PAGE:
The Town of Smithfield is in good financial shape, according to an audit report presented to the Smithfield Town Council.
The findings are from Petway Mills & Pearson PA of Zebulon, the firm hired by the Town for the 2014-15 fiscal year.
Smithfield Finance Director Greg Siler said the town ended the fiscal year with $12.87 million of revenue in the General Fund, up $202,361 or about 1.5 percent from 2013-14. The primary source of revenue for the Town was property taxes (48%) followed by sales taxes (26%) and sanitation pickup (10%).
The 2015 property values for all land, homes and businesses in Smithfield was $1.07 billion. Siler said the 57 cents property tax rate has been unchanged for nearly 10 years. The tax collection rate last year was 99.7%, which is higher than the state average. Johnston County collects the property taxes for the Town of Smithfield.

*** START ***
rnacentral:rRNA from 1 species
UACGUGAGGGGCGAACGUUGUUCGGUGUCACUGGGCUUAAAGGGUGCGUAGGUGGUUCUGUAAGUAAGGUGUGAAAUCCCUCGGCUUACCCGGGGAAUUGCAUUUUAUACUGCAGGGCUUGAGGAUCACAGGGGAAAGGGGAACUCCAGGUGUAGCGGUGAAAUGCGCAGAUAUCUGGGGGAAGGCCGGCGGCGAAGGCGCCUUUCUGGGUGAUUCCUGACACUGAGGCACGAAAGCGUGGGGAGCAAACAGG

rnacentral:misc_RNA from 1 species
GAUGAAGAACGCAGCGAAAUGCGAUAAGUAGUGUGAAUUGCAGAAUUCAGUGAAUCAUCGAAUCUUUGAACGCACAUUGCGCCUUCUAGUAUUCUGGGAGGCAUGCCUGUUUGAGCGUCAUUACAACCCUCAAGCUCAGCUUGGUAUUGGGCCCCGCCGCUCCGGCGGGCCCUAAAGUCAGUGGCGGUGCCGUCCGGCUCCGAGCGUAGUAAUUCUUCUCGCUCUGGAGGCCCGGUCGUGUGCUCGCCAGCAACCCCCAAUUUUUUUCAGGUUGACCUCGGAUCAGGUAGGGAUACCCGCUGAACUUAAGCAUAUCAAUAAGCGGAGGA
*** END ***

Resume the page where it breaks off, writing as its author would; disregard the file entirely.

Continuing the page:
The primary expenses for the Town are Public Safety, which includes police and fire protection (39.7%), followed by Parks & Recreation (14.4%), and Transportation (12.0%).
The Town is required by the state to maintain a minimum of 8 percent of funds in reserves in case of an emergency. In 2011, the Town has zero percent held in reserves. At the end of the 2014-15 fiscal year on June 30, 2015 the town had a 48% unassigned fund balance.
The Electric Fund generated $19.8 million in revenue last year, $1,111,441 more than expected. A major expenditure next year will be the purchase of a second transformer for the Brogden Substation, which is anticipated to cost $1.4 million.
Siler said the only area of concern was in the Water and Sewer Fund. Due to aging underground sewer lines, water seeps into the lines each time it rains creating a higher cost from Johnston County for wastewater treatment.
The Town of Smithfield spent $6.74 million last year in the Water and Sewer Department, while only generating $5.47 million in revenues, resulting in a loss of about $1.2 million. Siler blamed the loss on water infiltration issues.